Welcome to Gay Houston

by Our Editors

The chaos of Houston has the unintended effect of making every discovery—be it a culinary crown jewel, a funky boutique or a hipster hangout—a hard fought cause for celebration.

by Jason A. Heidemann

When considering where to eat that night I immediately think of Monica Pope, the city’s ballyhooed lesbian chef. She currently owns several joints around town including the aptly named Beaver’s (2310 Decatur St. Tel: 713-864-2328. beavershouston.com), a casual eatery that claims to offer “dam good vibes” (get it?), and also upscale Sparrow Bar + Cookshop (3701 Travis St. Tel: 713-524-6922. sparrowhouston.com) where I sidle up to the industrial chic bar by myself Friday night and order shiitake mushroom dumplings with an irresistible blue cheese-honey sauce and a beautiful and hefty crispy chicken drowning in salsa verde and lemon butter sauce.

After dinner I hit up the gay bars in Montrose in search of tomfoolery and find myself part of a weekly traveling “block party” in which participating queer taprooms lure patrons with $2.75 well drinks. This Houston ritual concludes each week with free admission to nightclub South Beach (810 Pacific St. Tel: 713-521-0107. southbeachthenightclub.com).

The first bar I visit is Montrose Mining Company (805 Pacific St. Tel: 713-529-7488), an old leather bar where a single go go boy tugs at his boxer briefs in an attempt to shift leftward his ample wiener. He looks out of place at this dark and rugged men’s bar and the few patrons present at this early hour are paying him no mind. But drinks are cheap and stiff and there’s a barrel full of peanuts for shucking and chucking so what’s not to love? Plus, like most Houston bars, there’s an impressively large back patio.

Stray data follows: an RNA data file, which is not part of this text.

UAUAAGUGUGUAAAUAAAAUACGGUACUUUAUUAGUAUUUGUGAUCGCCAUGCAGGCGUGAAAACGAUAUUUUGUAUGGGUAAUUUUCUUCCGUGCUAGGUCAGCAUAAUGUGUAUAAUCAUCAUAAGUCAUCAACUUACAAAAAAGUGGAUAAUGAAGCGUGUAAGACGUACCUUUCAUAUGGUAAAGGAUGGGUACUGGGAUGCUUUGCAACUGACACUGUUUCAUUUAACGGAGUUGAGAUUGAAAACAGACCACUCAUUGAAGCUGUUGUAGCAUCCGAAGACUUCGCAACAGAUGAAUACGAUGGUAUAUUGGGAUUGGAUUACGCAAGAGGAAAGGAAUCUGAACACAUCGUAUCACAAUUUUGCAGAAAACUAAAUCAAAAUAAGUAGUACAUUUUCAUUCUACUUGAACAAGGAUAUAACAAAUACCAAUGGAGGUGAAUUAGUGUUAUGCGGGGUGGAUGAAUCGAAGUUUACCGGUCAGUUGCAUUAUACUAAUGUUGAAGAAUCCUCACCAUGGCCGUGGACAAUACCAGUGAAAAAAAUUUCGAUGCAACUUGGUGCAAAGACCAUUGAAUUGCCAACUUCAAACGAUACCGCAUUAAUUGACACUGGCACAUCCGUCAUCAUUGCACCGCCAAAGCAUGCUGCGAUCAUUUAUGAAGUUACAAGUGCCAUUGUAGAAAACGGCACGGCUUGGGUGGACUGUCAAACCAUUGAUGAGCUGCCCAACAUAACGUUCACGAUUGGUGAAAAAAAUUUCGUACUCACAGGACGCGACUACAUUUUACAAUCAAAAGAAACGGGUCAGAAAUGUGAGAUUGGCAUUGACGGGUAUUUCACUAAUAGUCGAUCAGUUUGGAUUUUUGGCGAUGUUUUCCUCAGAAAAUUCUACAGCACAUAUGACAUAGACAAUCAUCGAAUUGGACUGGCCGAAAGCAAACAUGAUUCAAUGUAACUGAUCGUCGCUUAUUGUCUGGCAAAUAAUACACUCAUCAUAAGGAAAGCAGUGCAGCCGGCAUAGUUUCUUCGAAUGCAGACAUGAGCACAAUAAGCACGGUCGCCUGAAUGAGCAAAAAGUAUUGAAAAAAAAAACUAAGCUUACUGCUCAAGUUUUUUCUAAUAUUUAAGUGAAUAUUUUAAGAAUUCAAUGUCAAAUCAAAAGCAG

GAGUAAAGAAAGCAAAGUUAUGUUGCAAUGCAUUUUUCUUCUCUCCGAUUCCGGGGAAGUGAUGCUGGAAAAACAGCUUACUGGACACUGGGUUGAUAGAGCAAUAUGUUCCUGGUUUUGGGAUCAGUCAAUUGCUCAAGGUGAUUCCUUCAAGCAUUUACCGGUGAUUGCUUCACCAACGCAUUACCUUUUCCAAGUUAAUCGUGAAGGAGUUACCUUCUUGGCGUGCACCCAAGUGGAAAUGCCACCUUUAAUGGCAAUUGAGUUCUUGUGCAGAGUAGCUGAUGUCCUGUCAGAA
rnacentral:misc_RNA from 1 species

The dancer at nearby JR’s Bar and Grill (808 Pacific St. Tel: 713-521-2519. jrsbarangrill.com) is ridiculously ripped. He’s wearing a pair of white Armani briefs with the initials GA sewn into the rear and every time he clenches his perfect ass, the letters disappear up his crack. He takes a break a few minutes later and is replaced by a bearded lumbersexual whose ding dong is so big I suspect it can be seen from outer space (I’m pretty sure everyone in the bar is staring at it) and he isn’t shy about rubbing it against the booties of unsuspecting patrons in hopes of a dollar or two in return. The age range tonight is easily 22 to 75 and there exists an impressive smattering of races and genders. I suspect this is the bar where every queer Houstonian makes at least the occasional appearance.

At midnight, I am fortunate enough to experience a meteor shower. That is to say, it’s midnight and the dancers at Meteor (2306 Genesee St. Tel: 713-521-0123) are getting soaking wet onstage — a nightly tradition. The crowd here is young, clicky and clubby and pays no mind to anyone north of age 35, although I suspect many of these boys will privately hit up Grindr later in search of a daddy.